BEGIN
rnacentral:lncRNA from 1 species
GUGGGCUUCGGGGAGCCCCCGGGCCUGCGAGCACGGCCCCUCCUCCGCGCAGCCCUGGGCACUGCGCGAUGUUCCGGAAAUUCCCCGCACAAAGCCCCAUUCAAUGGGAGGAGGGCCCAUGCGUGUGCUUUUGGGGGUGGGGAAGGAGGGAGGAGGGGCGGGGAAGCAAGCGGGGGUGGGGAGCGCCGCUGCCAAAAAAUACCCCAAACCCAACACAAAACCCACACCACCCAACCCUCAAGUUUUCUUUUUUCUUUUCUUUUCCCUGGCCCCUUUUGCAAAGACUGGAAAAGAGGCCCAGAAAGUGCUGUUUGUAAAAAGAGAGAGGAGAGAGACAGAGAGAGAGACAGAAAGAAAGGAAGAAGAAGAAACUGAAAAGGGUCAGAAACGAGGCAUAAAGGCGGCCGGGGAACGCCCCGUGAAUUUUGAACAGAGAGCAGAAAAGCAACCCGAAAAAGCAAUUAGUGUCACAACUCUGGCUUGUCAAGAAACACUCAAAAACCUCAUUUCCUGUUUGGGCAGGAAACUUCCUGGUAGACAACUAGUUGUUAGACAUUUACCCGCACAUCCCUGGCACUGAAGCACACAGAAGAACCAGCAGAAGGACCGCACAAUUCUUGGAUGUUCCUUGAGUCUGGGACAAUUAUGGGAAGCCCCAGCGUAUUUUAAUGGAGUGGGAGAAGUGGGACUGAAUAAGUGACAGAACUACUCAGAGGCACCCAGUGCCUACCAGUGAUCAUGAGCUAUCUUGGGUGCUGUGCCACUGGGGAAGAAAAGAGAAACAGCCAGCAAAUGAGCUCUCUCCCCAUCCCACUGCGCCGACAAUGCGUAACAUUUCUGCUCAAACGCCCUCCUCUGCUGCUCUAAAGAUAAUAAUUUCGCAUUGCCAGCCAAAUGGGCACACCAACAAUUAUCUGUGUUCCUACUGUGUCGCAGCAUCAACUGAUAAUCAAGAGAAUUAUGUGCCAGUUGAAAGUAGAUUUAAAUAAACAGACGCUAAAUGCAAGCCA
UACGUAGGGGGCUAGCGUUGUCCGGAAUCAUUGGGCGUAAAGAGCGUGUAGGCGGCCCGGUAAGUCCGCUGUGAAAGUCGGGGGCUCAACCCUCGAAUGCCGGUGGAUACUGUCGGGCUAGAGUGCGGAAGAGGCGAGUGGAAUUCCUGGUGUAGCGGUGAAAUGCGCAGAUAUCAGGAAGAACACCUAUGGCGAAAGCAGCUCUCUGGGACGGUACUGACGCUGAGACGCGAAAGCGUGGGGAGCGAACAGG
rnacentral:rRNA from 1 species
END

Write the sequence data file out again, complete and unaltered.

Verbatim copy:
rnacentral:lncRNA from 1 species
GUGGGCUUCGGGGAGCCCCCGGGCCUGCGAGCACGGCCCCUCCUCCGCGCAGCCCUGGGCACUGCGCGAUGUUCCGGAAAUUCCCCGCACAAAGCCCCAUUCAAUGGGAGGAGGGCCCAUGCGUGUGCUUUUGGGGGUGGGGAAGGAGGGAGGAGGGGCGGGGAAGCAAGCGGGGGUGGGGAGCGCCGCUGCCAAAAAAUACCCCAAACCCAACACAAAACCCACACCACCCAACCCUCAAGUUUUCUUUUUUCUUUUCUUUUCCCUGGCCCCUUUUGCAAAGACUGGAAAAGAGGCCCAGAAAGUGCUGUUUGUAAAAAGAGAGAGGAGAGAGACAGAGAGAGAGACAGAAAGAAAGGAAGAAGAAGAAACUGAAAAGGGUCAGAAACGAGGCAUAAAGGCGGCCGGGGAACGCCCCGUGAAUUUUGAACAGAGAGCAGAAAAGCAACCCGAAAAAGCAAUUAGUGUCACAACUCUGGCUUGUCAAGAAACACUCAAAAACCUCAUUUCCUGUUUGGGCAGGAAACUUCCUGGUAGACAACUAGUUGUUAGACAUUUACCCGCACAUCCCUGGCACUGAAGCACACAGAAGAACCAGCAGAAGGACCGCACAAUUCUUGGAUGUUCCUUGAGUCUGGGACAAUUAUGGGAAGCCCCAGCGUAUUUUAAUGGAGUGGGAGAAGUGGGACUGAAUAAGUGACAGAACUACUCAGAGGCACCCAGUGCCUACCAGUGAUCAUGAGCUAUCUUGGGUGCUGUGCCACUGGGGAAGAAAAGAGAAACAGCCAGCAAAUGAGCUCUCUCCCCAUCCCACUGCGCCGACAAUGCGUAACAUUUCUGCUCAAACGCCCUCCUCUGCUGCUCUAAAGAUAAUAAUUUCGCAUUGCCAGCCAAAUGGGCACACCAACAAUUAUCUGUGUUCCUACUGUGUCGCAGCAUCAACUGAUAAUCAAGAGAAUUAUGUGCCAGUUGAAAGUAGAUUUAAAUAAACAGACGCUAAAUGCAAGCCA
UACGUAGGGGGCUAGCGUUGUCCGGAAUCAUUGGGCGUAAAGAGCGUGUAGGCGGCCCGGUAAGUCCGCUGUGAAAGUCGGGGGCUCAACCCUCGAAUGCCGGUGGAUACUGUCGGGCUAGAGUGCGGAAGAGGCGAGUGGAAUUCCUGGUGUAGCGGUGAAAUGCGCAGAUAUCAGGAAGAACACCUAUGGCGAAAGCAGCUCUCUGGGACGGUACUGACGCUGAGACGCGAAAGCGUGGGGAGCGAACAGG
rnacentral:rRNA from 1 species